Five Streams State Forest
- Open for recreation: Year-round
- Fee: Free
- Contact Information:
- DEC Region 7 Sherburne Office: (607)-674-4017 M-F 8 am- 4 pm, email email@example.com
- Emergency, Law Enforcement & Rangers: (518) 408-5850 or 91
- Location: German (Chenango County)
- Wildlife Management Unit: 7M
- Map: View Five Streams State Forest Map || View Same Map in PDF (354 KB) || Google Earth || State Lands Interactive Mapper
Five Streams State Forest is comprised of 6,353 acres. The forest is named for the streams which drain the area. There is a short multi-purpose trail off of North Pucker Street which leads to a small pond. One can hike, horseback ride or mountain bike to this site.
General information on hiking includes how-to and safety tips and links to rules & regulations.
There are no formal hiking trails but hiking is allowed anywhere on the property unless posted otherwise.
General information on primitive camping includes how-to and safety tips and links to rules & regulations.
At large primitive camping is allowed. Campsites must be at least 150 feet away from the nearest road, trail, or body of water. Camping for more than three nights or in groups of ten or more requires a permit from a Forest Ranger.
General information on biking includes how-to and safety tips and links to rules & regulations.
There are no trails maintained specifically for mountain biking but bikes are allowed anywhere on the property unless posted otherwise.
General information on fishing includes how-to and safety tips and links to seasons, rules & regulations.
Hunting & Trapping
General information on snowmobiling includes how-to and safety tips and links to rules & regulations.
A snowmobile trail that is part of the state-wide network of trails crosses the forest between Pucker Street and Skillman-Hoffman Road in the southern section of the forest. There is also a snowmobile trail on the northern part of the forest, which uses some of the unplowed town roads as part of its course.
Cross-country Skiing & Snowshoeing
General information on cross-country skiing and snowshoeing includes how-to and safety tips and links to rules & regulations.
Cross-country skiing and snowshoeing are permitted on all hiking trails.
General information on horseback riding includes how-to and safety tips and links to rules & regulations. Proof of current negative Coggins certificate is required for all horses and out-of-state horse owners are required to produce a 30-day health certificate.
General information on animals includes links to information about birds, mammals, fish, reptiles, amphibians and insects that inhabit or migrate through the state.
Travel west on County route 5 from the hamlet of McDonough. Access to Five Streams State Forest is primarily on seasonal town roads. Visitors should be aware that some of these seasonal roads, including portions of Shingle Street and Birdlebough Road, are in very rough condition. Four wheel drive is recommended, and cars having low ground clearance should not attempt to travel on these road.
County Route 5 (42.4935658°N, 75.8181167°W) Google Maps (leaves DEC website)
Rules, Regulations and Outdoor Safety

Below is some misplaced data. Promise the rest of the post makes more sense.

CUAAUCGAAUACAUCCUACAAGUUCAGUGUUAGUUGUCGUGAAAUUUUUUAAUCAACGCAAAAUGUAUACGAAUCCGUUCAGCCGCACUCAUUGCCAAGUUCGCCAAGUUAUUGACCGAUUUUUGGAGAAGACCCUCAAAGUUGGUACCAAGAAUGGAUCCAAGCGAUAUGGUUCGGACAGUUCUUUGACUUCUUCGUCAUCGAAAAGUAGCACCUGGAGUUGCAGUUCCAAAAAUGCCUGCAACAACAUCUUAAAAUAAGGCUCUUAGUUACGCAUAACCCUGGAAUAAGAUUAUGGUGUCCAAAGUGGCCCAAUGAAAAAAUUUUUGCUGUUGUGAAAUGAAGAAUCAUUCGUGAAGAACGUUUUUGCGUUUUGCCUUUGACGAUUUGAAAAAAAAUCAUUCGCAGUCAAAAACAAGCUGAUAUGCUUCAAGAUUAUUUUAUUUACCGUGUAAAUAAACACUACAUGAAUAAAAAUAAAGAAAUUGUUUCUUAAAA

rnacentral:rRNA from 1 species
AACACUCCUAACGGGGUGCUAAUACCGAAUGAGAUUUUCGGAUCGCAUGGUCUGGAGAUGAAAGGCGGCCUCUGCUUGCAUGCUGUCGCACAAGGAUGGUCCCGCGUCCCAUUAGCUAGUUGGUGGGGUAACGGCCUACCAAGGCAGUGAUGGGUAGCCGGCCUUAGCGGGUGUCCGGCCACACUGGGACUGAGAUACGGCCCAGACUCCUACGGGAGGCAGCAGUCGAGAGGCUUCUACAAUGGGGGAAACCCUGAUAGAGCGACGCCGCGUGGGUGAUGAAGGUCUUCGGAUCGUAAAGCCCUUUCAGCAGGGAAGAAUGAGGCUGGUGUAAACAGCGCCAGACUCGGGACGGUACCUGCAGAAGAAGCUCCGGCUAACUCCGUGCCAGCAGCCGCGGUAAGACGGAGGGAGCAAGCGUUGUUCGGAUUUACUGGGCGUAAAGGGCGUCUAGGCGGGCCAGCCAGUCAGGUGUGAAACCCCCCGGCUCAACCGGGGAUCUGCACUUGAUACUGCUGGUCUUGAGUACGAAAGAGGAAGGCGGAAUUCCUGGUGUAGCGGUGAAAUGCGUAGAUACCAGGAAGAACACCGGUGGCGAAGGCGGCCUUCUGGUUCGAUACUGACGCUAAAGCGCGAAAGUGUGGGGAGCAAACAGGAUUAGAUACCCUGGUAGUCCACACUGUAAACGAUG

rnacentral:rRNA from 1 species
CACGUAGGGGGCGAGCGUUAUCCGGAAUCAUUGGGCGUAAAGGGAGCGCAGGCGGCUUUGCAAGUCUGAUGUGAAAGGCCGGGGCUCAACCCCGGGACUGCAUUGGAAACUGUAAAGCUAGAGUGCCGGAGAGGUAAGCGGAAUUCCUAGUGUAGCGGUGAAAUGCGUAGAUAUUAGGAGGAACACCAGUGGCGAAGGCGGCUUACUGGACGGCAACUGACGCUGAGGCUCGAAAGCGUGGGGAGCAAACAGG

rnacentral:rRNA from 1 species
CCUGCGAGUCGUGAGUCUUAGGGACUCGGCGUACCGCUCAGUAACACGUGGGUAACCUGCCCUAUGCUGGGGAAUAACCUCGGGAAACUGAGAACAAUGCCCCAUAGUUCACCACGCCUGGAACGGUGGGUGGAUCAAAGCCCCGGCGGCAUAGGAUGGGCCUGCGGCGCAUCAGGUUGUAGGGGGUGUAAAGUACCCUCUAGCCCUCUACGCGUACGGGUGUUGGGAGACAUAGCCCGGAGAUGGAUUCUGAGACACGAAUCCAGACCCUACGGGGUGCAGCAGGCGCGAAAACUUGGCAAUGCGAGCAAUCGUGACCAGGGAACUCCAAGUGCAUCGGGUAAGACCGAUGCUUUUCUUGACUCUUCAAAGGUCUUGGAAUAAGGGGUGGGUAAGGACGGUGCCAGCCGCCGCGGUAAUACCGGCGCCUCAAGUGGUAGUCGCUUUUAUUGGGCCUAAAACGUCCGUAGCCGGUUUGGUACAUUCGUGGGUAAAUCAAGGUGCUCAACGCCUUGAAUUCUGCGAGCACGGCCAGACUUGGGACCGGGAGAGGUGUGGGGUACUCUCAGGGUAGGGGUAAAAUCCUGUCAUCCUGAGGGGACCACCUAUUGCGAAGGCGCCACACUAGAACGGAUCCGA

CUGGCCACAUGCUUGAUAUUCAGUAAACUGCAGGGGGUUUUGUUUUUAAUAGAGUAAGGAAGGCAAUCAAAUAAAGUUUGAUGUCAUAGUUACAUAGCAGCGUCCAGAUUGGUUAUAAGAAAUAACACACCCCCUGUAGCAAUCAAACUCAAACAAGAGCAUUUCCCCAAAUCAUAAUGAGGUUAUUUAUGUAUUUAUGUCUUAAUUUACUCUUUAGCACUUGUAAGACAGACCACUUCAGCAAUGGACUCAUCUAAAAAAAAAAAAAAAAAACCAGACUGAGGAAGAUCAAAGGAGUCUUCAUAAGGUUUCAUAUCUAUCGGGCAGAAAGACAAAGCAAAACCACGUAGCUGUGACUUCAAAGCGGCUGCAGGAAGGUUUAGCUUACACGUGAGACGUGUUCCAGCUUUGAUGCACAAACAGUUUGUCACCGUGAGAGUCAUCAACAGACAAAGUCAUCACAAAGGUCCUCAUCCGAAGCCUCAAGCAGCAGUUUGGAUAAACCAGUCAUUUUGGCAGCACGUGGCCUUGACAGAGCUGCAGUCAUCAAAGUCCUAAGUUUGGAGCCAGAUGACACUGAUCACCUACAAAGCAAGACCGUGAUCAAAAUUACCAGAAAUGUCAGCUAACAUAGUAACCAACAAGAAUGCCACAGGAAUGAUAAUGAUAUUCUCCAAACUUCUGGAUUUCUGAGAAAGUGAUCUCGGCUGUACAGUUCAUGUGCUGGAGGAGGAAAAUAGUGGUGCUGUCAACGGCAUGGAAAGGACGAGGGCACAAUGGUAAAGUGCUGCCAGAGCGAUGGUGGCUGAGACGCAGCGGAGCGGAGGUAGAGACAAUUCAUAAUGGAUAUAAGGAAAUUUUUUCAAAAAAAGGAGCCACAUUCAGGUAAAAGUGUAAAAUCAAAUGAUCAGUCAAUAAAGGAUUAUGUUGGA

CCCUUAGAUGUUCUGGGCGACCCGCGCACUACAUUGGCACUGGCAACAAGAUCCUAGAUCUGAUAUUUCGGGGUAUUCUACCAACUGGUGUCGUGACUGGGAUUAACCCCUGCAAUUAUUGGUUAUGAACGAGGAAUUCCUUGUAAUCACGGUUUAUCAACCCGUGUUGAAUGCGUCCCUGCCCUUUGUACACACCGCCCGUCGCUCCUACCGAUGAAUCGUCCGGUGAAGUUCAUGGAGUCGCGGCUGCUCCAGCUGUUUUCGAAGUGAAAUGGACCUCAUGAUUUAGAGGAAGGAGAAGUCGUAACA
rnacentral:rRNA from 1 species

Practice Leave No Trace (leaves DEC website) principles when recreating on state land to enjoy the outdoors responsibly, minimize impact on the natural resources and avoid conflicts with other users.
How We Manage Five Streams State Forest
Five Streams State Forest is part of the Five Streams Unit Management Plan. A Unit Management Plan (UMP) guides the DEC's land management activities on several geographically related forests for a ten-year period, although a number of goals and objectives in the plan focus on a much longer time period. Each UMP addresses specific objectives and actions for public use and forest management. If you have questions and/or comments about this UMP, please email us firstname.lastname@example.org.
Five Streams State Forest is comprised of a mix of native hardwoods and softwoods as well as conifer plantations. Conifer plantations comprise about 40% of the area and about 70% of these were planted by the Civilian Conservation Corps in the 1930's. These plantations consist primarily of red pine, Norway spruce and white spruce with many plantations containing mixed species. The native forests are of the northern hardwood forest type. The most common tree species on the forests include: eastern hemlock, red maple, hard maple, black cherry, aspen (quaking and big-tooth), white ash, and American beech. Native species that are less common include: basswood, yellow birch, balsam fir, white pine, red oak, red spruce, white cedar, black spruce and tamarack.
The forest contains many large blocks of uninterrupted woodlands, making it an excellent place to explore. Like all State Forests, Five Streams is actively managed for timber production, and as a result, you may come upon logging operations. Forest management is generally aimed at maintaining the natural character of the native hardwood stands, retaining and regenerating some of the spruce plantations, and converting the pine plantations to hardwoods.
Nearby Amenities and Attractions
Chenango County Tourism Webpage (Leaves DEC website)
Gas, food, dining and lodging may be found in the nearby communities of Oxford and Greene.
Numerous guide books and maps are available with information on the lands, waters, trails and other recreational facilities in this area. These can be purchased at most outdoor equipment retailers, bookstores, and on-line booksellers.
Additional information, outdoor equipment, trip suggestions and guided or self-guided tours may be obtained from outdoor guide and outfitting businesses. Check area chambers of commerce, telephone directories or search the internet for listings.
Consider hiring an outdoor guide if you have little experience or woodland skills. See the NYS Outdoor Guides Association (http://www.nysoga.org/) (leaves DEC website) for information on outdoor guides.